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David Zeni

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For Michael S.

I don't have any insight into what might have worn down Beaudry except that Canadians do not seem to think that The Empress of Ireland is an important part of their history. Not quite comparable is our S.S. United States which is going nowhere as a hulk. D.Z.
 
Dec 2, 2000
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Thanks for that,David, depressing as it is to hear. History seems to get short shrift these days.

Unfortunately, I'm all too aware of the sad state of the S.S. United States. Lots of good ideas floating around as to what to do with her, but I have an ugly suspicion that her next voyage is going to be under tow to the breakers.
sad.gif


Cordially,
Michael H. Standart
 

Paul Rogers

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Nov 30, 2000
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Hello all.

Recently, I was lucky enough to find a 1980 publication of a book called "Fourteen Minutes" by James Croall. (First published 1978.) I believe Michael P. mentioned the book in a much earlier posting on this thread.

The book is a very good read but, unfortunately, there are no references or footnotes regarding from where Mr Croall drew his material. In his own words: "Since I believe the average reader shares my distaste for footnotes and is unlikely to be interested in detailed references, I have not provided any." So, any E of I buffs out there: What's your opinion of the book's general accuracy? (This is the first real literature I've read regarding the ship.)

The book's overall view on the cause of the disaster seems to be that the Storstad shouldn't have changed course, and that the Empress shouldn't have reversed her engines - so I'd say it's fair to 50/50 apportion the blame. Is this the accepted view of researchers today?

Things I never knew before reading this book:

Interesting Point no. 1: Almost exactly the same sequence of events led to the sinking of the Andrea Doria... seems like we never learn! And both ships had radar by then.

Interesting Point no. 2: In 1912, the sister ship of the Storstad (Helvetia) was rammed and sunk by the sister ship of the E of I (Empress of Britain) in a similar fog bank and in almost the same location on the St Lawrence. Blimey! Fate works in mysterious ways...

Regards, and a Merry Christmas to all.
Paul.
 
Dec 2, 2000
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I'm not at all sanguine about a book perporting to be history which doesn't list the sources used. I want to know where the material came from, and I suspect a lot of people here are of the same mindset.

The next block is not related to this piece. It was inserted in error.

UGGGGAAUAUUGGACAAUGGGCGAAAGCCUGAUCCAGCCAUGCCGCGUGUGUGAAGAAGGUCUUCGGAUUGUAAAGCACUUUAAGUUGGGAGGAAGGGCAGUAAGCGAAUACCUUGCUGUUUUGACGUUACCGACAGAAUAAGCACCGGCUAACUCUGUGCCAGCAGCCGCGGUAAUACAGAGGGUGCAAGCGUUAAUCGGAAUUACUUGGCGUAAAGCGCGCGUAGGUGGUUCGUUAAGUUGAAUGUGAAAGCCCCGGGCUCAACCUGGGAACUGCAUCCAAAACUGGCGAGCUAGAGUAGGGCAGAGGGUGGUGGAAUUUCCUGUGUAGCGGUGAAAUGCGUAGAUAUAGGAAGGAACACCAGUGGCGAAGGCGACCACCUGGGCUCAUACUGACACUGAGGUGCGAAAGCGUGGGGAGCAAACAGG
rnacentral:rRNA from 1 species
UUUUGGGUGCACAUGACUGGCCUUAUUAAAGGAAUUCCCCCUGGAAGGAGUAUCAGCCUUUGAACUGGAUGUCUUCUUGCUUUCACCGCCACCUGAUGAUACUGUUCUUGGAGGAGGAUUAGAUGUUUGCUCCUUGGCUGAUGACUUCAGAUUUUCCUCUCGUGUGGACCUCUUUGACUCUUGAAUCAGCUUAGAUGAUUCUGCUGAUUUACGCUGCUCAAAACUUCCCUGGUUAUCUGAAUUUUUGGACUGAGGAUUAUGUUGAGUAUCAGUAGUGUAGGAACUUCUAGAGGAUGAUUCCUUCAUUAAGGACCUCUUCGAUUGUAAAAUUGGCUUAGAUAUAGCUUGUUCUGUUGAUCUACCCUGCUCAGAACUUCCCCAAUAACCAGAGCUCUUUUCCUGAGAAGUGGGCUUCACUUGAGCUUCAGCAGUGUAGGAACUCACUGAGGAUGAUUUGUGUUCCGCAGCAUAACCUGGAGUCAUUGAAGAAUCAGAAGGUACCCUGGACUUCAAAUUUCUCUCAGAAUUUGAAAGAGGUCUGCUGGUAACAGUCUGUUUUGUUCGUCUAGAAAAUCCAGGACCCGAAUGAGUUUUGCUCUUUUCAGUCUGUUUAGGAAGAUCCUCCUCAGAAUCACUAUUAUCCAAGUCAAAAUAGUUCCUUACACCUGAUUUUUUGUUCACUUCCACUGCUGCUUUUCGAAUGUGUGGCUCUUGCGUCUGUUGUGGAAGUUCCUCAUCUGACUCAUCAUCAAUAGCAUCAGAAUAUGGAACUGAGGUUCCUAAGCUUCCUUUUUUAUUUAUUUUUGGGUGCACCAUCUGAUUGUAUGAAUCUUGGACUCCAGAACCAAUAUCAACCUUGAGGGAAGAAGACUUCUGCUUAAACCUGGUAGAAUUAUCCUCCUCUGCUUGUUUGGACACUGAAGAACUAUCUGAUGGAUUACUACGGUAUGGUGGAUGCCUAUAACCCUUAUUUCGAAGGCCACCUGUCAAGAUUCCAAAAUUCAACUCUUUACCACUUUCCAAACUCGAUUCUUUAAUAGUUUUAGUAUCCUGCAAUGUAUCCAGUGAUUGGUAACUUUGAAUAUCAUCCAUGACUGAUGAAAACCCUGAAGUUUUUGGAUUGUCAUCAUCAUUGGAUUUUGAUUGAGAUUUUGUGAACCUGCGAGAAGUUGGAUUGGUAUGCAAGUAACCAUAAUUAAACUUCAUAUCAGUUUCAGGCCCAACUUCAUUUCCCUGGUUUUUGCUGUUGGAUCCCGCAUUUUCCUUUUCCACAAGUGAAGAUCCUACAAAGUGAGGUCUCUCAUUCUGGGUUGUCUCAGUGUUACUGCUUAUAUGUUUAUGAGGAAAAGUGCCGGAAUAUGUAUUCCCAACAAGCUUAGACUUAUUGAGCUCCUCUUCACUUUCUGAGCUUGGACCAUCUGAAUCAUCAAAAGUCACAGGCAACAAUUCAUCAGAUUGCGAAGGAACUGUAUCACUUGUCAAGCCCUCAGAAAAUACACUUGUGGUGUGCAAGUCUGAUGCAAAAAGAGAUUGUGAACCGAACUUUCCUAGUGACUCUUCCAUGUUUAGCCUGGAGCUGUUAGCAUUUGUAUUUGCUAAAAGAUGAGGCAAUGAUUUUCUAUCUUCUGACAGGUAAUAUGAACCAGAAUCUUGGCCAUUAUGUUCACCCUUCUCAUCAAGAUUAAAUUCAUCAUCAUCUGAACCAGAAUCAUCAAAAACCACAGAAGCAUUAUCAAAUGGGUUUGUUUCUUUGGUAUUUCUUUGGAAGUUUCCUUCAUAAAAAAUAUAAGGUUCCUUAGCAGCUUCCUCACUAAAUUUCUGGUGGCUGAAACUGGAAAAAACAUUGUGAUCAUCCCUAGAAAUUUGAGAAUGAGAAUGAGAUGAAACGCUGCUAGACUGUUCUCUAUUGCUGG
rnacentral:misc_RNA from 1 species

One of the reasons I forked over the money for copies of the Senate and BOT transcripts for the Titanic is that I wanted to be able to read the testimony for myself. All of it, not bits and peices out of context.

While I'm no expert on the Empress of Ireland, one thing that got my attention in a History Channel presentation was the assertion that both ships altered course AFTER losing sight of each other in the fog. Rather a dumb move if true.

David Zeni, anything you can add to this? You're the man with the plan on this.(I don't trust the History Channel.)

Cordially,
Michael H. Standart
 
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David Zeni

Guest
Paul R. and all:
First, Happy Holidays and best wishes for new historical finds in 2001! Paul, if you need references get a copy of Forgotten Empress and check out the bibliography. Your observations from Fourteen Minutes are right on target. As for the Andrea Doria comparisons, I found them chilling. One in particular is when Kendall is being grilled by Storstad's lawyer and can't explain how it was physically possible to get the Empress from one point he indicated on a chart to another (speed x time = distance). The identical exchange happens 42 years later when Andrea Doria's Captain is asked the same question and can't explain how his ship made up an unbelievable distance on the charts. Add to this deja vu the incredible fact that the attorney(representing Stockholm) is the son of the lawyer who represented the Storstad in the Empress Inquiry! Back to Fourteen Minutes, I have spoken to Croall and he advises that his account is largely based on contemporary newspaper stories. You may have noticed that Fourteen Minutes says that attempts to salvage the silver and mails were abandoned. Having been through the microfilm reels I can tell you that this conclusion was reached from a Headline in the Montreal Daily Star
which said exactly that. If Croall had looked ahead a few days he would have discovered that the salvage was resumed and quite successful...a danger when using newspaper stories. HOWEVER, I have found that in general the contemporary accounts of surviving passengers reported on the rescue train to Quebec are the most accurate. As days went by, people started to make stuff up. I am always amused when someone shares a newspaper account with me from a survivor on say the 25 anniversary of the sinking and treats it as gospel. These reflections are often how the survivor would like to remember the tragedy rather than the truth. A good example are stories about people calmy singing while the ship sinks beneath them. The truth is that people were in an ugly struggle to survive, very ugly.